Health officials from Oregon to Georgia are ringing alarm bells about rising rates of sexually transmitted diseases, worried that kids aren’t getting the message. Sex education is more robust than it was for previous generations, but a 2012 Guttmacher Institute report revealed that while nearly 90% of high schools are teaching students about abstinence and STDs, fewer than 60% are providing lessons about contraception methods.
The CDC estimates that half of new STD infections occur among young people. Americans ages 15 to 24 contract chlamydia and gonorrhea at four times the rate of the general population, and those in their early 20s have the highest reported cases of syphilis and HIV. Young men and women are more likely than older people to report having no sex in the past year, yet those who are having sex are more likely to have multiple partners, which increases the risk of STDs.
“We need to do better as a nation,” says Laura Kann, an expert in youth risk behaviors at the CDC. “Far too many kids in this country continue to be infected with HIV and continue to be at risk.”
Recently, the American Academy of Pediatrics urged high schools to make condoms available to students, citing STDs as a main concern.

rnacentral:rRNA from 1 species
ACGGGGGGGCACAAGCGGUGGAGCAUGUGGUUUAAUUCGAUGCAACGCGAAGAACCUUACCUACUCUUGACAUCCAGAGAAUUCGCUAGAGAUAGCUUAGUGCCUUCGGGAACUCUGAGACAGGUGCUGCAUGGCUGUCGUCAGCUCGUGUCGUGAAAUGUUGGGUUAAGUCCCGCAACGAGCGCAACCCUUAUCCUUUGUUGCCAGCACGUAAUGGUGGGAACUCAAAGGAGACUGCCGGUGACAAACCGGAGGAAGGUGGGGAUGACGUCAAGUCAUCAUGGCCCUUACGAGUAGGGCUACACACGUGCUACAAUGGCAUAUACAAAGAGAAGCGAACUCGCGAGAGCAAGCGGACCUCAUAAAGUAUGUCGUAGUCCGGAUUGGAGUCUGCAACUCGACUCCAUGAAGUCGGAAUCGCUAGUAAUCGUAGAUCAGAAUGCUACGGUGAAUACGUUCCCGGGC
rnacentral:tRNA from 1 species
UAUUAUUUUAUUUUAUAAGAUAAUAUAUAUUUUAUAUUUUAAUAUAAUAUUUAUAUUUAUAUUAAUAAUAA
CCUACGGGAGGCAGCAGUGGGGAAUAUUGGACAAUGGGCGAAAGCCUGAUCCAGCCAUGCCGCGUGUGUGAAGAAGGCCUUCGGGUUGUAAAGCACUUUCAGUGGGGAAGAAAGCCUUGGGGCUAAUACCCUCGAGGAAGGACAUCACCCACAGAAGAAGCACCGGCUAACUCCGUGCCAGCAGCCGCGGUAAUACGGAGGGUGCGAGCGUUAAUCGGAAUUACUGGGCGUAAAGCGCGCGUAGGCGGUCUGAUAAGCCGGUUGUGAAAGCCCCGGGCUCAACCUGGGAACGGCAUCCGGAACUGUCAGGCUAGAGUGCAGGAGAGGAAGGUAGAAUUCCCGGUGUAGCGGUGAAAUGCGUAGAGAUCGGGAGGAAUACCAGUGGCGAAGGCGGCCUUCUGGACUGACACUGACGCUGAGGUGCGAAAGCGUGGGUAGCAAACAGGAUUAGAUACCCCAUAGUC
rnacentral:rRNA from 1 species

Image: Condom, via Shutterstock
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AIDS, birth control, chlamydia, college students, condoms, gonorrhea, HIV, sex, STDs, teens | Categories:
Education, New Research, Parenting News, Trends
Tuesday, October 29th, 2013
In an updated policy statement, its first since 2001, the American Academy of Pediatrics is recommending that schools make condoms available to teenagers alongside providing instruction on sexual education topics. More from Reuters:
There is still some resistance to making condoms more accessible for young people, researchers said.
“I think one of the main issues is the idea that if you provide condoms and make them accessible, kids will be more likely to have sex. But really, that’s not the case,” Amy Bleakley said.
“Getting over the perception that giving condoms out will make kids have sex is a real barrier for parents and school administrators,” she told Reuters Health.
Bleakley studies teen sexual behavior and reproductive health at the University of Pennsylvania in Philadelphia but wasn’t part of the AAP committee.
She said some studies suggest teenagers with access to condoms and comprehensive sex education actually start having sex later than their peers who don’t.
Teen birth rates have been declining in the United States, according to the Centers for Disease Control and Prevention. In 2011, there were 31 births for every 1,000 U.S. women aged 15 to 19.
But that number is still higher than in other developed countries.
Rates of many sexually transmitted infections (STIs), including Chlamydia and gonorrhea, are also highest among teenage and young adult women.
Image: Condoms, via Shutterstock